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Some do and some don't. Like everything else you either agree or disagree. I'm comfortable carrying with a round in the chamber as I carry everyday at work or on my time. Very few times are my guns unloaded like climbing a tree stand or jumping out of airplanes with them. Never seen a ND when troops fell and dropped their weapon. AD's on the other hand do happen as they become careless in clearing the gun and are distracted/complacent. I also keep gasoline in my vehicles when not driving, LOL.


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I will always carry a loaded and chambered firearm when hunting or concealed carry. If whatever I have is so dangerous I can't carry like that it's not worth carrying. Even a revolver has a "chambered round" when it's loaded. I like hunting with a bolt action and the Mauser safety is an excellent deterrent to it going off prematurely. You could probably throw that rifle down a rock slide and be certain that it wouldn't go off. But even then I would unload it to climb a tree or climb over a fence. Safety is always relevant to what is not safe and "feeling safe" is a mental disorder. You're never truly safe from anything.
 

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i hunt deer and bear. I do not hunt from blind or stand. When I am hunting through the woods I am alone. I always have one in the chamber.
 

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Some do and some don't. Like everything else you either agree or disagree. I'm comfortable carrying with a round in the chamber as I carry everyday at work or on my time. Very few times are my guns unloaded like climbing a tree stand or jumping out of airplanes with them. Never seen a ND when troops fell and dropped their weapon. AD's on the other hand do happen as they become careless in clearing the gun and are distracted/complacent. I also keep gasoline in my vehicles when not driving, LOL.


CD
Military service and war are totally different, everyone involved knows there's a risk of death.

Similarly lots of folks that hunt with rifles never touch a gun except during hunting seasons, yet during that time there constantly handling them.
Some of them may even be kids and women with very little gun handling experience, do you tell 12 year old first timers it's fine to have a cartridge in the chamber? I hope you wouldn't so at what age do you decide it's now safe for them, 16, 18, 21? What if they only go a couple of times a year with you? Is safe gun handling supposed to creep into there psyche by some magic process.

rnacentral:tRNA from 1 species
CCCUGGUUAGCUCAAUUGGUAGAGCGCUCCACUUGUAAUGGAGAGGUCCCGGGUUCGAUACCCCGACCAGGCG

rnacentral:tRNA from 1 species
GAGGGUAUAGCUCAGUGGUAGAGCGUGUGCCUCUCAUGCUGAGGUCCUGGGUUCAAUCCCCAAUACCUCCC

Those people are very different than concealed carry folks, they put a gun on and don't touch it typically until they take it off at night or when ever, it's in a purse or holster being carried by someone that has probably been through a class that included gun safety and the personal responsibility and legal ramifications of killing someone, they act very different with guns than your typical hunter.

And just for fun. Warning, there's bad language in this video.
https://www.youtube.com/watch?v=h-Y-1iw_3JI
 

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Military service and war are totally different, everyone involved knows there's a risk of death.

Similarly lots of folks that hunt with rifles never touch a gun except during hunting seasons, yet during that time there constantly handling them.
Some of them may even be kids and women with very little gun handling experience, do you tell 12 year old first timers it's fine to have a cartridge in the chamber? I hope you wouldn't so at what age do you decide it's now safe for them, 16, 18, 21? What if they only go a couple of times a year with you? Is safe gun handling supposed to creep into there psyche by some magic process.

Those people are very different than concealed carry folks, they put a gun on and don't touch it typically until they take it off at night or when ever, it's in a purse or holster being carried by someone that has probably been through a class that included gun safety and the personal responsibility and legal ramifications of killing someone, they act very different with guns than your typical hunter.